Solar Tribune

Beer Industry Taps into the Power of Solar Energy


There is not much that beats enjoying an ice-cold refreshing beer on a sunny summer day. Many beer companies nowadays are also incorporating the sun into their product in a different way, by harnessing the power of solar energy.

A Match Made in Heaven

An assortment of industries across the global are increasingly turning to solar energy to power their facilities as the cost of solar continues to go down and as renewable energy commitments by major corporations continue to go up. The beer industry is no different. From eco-conscious microbreweries to the most prominent beer giants in the world, solar-focused beer production is taking the industry by storm.

The marriage between beer and solar power makes plenty of sense. Local craft breweries and other artisanal beer makers place a premium on natural ingredients and they have a deep appreciation for their product’s connection to the Earth. After all, the two biggest inputs to get beer are water and hops, and you’ll never meet a brewer willing to compromise on the quality of either. From incorporating best practices around water management to providing farmers with spent hops for fertilizer, good environmental stewardship is a corporate value that is foundational to many local breweries. Embracing solar energy is a natural fit for these types of companies who largely share a common commitment to sustainability. The process of making beer is also incredibly energy intensive, with most breweries requiring between 12 to 22 kWh of electricity just to produce one barrel of beer. The cost savings of solar energy are a no-brainer, especially for the ‘little guys’ in the industry.

Local breweries get the credit for being early adopters of solar energy in the industry, but the involvement of name brand beer giants in recent years has helped turn a niche trend into an industry-wide standard with big global impacts.

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The largest brewer in the world, Anheuser-Busch InBev, is a global leader in the renewable energy space. The company is committing to a future that places renewable energy – and solar in particular – at the forefront. Anheuser-Busch is a member of RE100, a corporate leadership initiative on 100% renewable electricity led by The Climate Group in partnership with CDP. In 2017, Anheuser-Busch made a commitment to source 100% of their purchased electricity from renewable by 2025. Earlier this summer, Anheuser-Busch announced that they had smashed through that goal years ahead of schedule, thanks largely to a slew of PPAs the company inked with both providers of solar and wind energy. The company’s 222 MW 2,000+ acre solar farm in Pecos County, TX came to fruition through a PPA with Canada’s Recurrent Energy. The Anheuser-Busch Solar Farm was completed this year and it is the largest solar project for any U.S. beverage company.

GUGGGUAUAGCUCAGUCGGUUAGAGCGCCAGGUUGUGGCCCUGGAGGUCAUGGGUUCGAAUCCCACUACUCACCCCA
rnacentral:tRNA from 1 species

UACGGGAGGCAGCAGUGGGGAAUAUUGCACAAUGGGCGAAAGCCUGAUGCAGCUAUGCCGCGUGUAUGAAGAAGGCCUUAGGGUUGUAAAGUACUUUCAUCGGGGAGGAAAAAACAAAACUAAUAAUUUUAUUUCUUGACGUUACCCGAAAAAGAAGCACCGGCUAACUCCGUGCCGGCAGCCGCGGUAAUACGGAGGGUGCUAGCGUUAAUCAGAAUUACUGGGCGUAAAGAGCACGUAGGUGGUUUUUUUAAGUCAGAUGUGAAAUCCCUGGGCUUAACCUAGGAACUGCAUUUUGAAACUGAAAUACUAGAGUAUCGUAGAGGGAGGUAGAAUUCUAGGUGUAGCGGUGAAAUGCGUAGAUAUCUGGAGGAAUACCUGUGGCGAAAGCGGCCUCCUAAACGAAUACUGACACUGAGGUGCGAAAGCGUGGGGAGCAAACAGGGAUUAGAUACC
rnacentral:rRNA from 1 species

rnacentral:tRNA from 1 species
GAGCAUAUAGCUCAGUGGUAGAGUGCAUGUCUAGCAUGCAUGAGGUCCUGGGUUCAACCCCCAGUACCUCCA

Solar Breweries by the Numbers

Statistics are difficult to come by, but according to at least one source the first known brewery to install a solar energy system was California’s own Anderson Valley Brewing Company. The almost 35-year-old company has been able to generate nearly 40% of its electricity from its own solar energy system that was installed in 2006.